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#YOUEQUALTECH

Collaboration and knowledge sharing is key to achieving diversity and inclusion.

Mental health is invisible

Last Wednesday I attended one of Mortimer Spinks’ #YouEqualTech meetup groups @Anaplan to discuss Mental Health in the workplace, and was blown away….

To give some background, the two ladies who founded the network and organise the events are both my friends and work colleagues (Kayleigh and Haleigh). These two awesome human beings woke up one morning and decided to use their knowledge, connections and genuine passion for making a positive impact, to bring people together to champion diversity in the tech industry. And what a community it is! Every month Kayleigh and Haleigh collaborate with a progressive tech brand in London that has equal aspirations on having a positive impact on our communities, and on Wednesday night we were at Anaplan to talk about mental well-being in the workplace.

Let’s start with the stats…..

Mental health costs the UK £70 billion each year*

84% of employees have experienced physical psychological and behavioural symptoms of poor mental health where work has been a contributing factor**

9% of employees who experienced symptoms of poor mental health experienced disciplinary action, up to and including dismissal**

86% would think twice before offering to help a colleague whose mental health they were concerned about**

These stats alone are pretty heart-breaking to be honest, and there’s clearly a conversation to be had around what we can all do individually and within our own teams and businesses to make a positive change.

(Source - *Mental health and work, OECD, 2014, **National employee mental wellbeing survey)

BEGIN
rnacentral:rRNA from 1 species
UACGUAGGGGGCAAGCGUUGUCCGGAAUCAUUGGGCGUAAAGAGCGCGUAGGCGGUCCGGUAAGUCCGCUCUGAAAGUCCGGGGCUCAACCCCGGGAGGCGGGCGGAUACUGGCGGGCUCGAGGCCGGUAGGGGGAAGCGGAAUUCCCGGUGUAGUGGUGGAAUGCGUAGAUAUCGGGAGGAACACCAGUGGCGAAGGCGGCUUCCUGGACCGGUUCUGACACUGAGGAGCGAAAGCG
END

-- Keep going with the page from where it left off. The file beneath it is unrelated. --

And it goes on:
The intro

Kayleigh kicked off the night explaining 1 in 4 adults experience mental health challenges at any one time. She said the problem with that stat is that you could make the assumption 3 out of 4 people aren’t able – or have no need – to talk about mental health. Kayleigh explained “tonight is about promoting mental health as a conversation for everybody, because we all have mental health - whether it’s good, or could be better”.

Who was on the panel?

Eve Critchley, James Routledge, Ry Morgan and Kathryn Newbould – Each of the panellists opened by explaining how they came to be in the roles they were in. What really hit home for me is how open, honest and proactive these guys were in not only telling their own personal and compelling stories but also giving guidance and practical advice on what we could all do different starting now

What did I learn?

Eve Critchley – Head of Digital @Mind. Mind believes nobody should face mental health issues alone. They exist to give advice and support and they campaign to improve services, raise awareness and promote understanding. Eve has worked at Mind for 6.5 years and is responsible for Digital development and the communications teams.

Eve had lots of great advice but these were my key take homes:

 “Accept what you can’t change”. This seems somewhat obvious but we all have off days, nobody’s perfect and we can’t always perform at 100% every single day. Some days we crush every challenge that we come across and some days we don’t. We have to accept we are all going to have those days.

Mentors! Eve also explained that something she found incredibly supportive in her career is having a mentor. Eve explained having a positive voice, someone in your corner that is genuinely there to support your growth professionally is exceptionally valuable.

Wellness action plans! They have introduced these at Mind and now they are normalised. At Mind, they don’t wait for problems to arise they talk about what good looks like and what not so good looks like, they make sure the conversation is open and the environment is nurturing. We can all make our work environments more inclusive and supportive of the diverse range of talent we want to attract.